harisankartj

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About harisankartj

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    Lesser Chimp
  • Birthday 08/20/1999

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    Kerala,India
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  1. What's the existential nature of music ? Have you ever contemplated on this ? we all jam to something.But where is it? what is it? Not looking for any answer, just wanna get some thoughts .
  2. I see it as the Ultimate Reality being a loving teenage friend who decides to befriend the nerdy kid in class who gets bullied all the time (the one who suffers). When its true love, you include Everything.because you are Everything. The One. This is just my poetic view. If you are looking for a "backed-up theory" ,I got nothing. All I know is to be alive is a miracle in itself.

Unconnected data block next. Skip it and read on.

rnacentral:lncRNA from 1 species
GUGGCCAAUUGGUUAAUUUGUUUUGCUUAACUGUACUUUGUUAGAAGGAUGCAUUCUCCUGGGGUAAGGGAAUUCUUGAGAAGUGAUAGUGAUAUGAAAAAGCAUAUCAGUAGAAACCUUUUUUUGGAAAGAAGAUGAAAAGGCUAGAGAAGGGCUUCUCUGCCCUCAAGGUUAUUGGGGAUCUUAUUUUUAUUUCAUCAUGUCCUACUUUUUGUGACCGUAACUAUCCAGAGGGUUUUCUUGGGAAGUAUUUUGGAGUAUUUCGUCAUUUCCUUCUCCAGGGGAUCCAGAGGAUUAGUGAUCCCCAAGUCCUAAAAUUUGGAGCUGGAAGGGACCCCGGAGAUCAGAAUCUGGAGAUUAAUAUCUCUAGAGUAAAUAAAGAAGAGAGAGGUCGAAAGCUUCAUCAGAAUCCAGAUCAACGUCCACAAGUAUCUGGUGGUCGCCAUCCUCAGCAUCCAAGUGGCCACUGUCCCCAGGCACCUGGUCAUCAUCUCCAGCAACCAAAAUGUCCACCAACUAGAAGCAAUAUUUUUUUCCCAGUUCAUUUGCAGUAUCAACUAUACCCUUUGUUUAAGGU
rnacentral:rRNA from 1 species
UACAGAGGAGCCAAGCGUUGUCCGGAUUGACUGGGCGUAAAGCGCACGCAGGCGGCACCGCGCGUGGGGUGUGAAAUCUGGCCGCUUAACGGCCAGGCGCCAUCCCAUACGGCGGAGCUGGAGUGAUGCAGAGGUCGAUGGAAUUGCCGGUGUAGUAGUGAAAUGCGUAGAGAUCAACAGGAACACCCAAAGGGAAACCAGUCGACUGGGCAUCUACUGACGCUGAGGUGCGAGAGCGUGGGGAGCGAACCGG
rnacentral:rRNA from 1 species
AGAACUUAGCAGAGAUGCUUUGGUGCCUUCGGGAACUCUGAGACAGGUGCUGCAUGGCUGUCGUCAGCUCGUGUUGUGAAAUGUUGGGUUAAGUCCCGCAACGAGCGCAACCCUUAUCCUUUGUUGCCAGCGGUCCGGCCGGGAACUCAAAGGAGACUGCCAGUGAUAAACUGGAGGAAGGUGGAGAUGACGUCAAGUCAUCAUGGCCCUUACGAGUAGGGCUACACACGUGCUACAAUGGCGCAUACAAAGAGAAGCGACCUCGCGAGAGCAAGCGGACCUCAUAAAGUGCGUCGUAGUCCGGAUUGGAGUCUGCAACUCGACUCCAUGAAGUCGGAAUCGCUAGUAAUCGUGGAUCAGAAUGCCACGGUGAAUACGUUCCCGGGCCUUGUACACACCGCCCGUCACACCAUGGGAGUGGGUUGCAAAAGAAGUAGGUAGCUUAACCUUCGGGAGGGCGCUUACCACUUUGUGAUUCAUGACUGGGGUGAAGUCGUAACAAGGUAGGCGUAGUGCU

3. Glad you are okay Leo. Makes you shudder on hearing such news but we are all unconscious. Goes to show how consciousness is the need of the hour for mankind . I can start connecting the dots with the unconsciousness and misery in the heart of the victimiser and become conscious of that in myself. Mindfulness all the way . And sure, I am still coming to Las Vegas! (some day).
  4. Once you enquire about what intelligence actually is... beyond what another human has told you... you will realize that it is the very essence of what makes you aware of your existence this very moment. But of course don't believe me. Lock yourself up in a room, sit there, and ask yourself "What is intelligence ?" and don't get up until the answer hits you. I jumped over your actual question on purpose. You need wisdom, not the answer to a cultural question.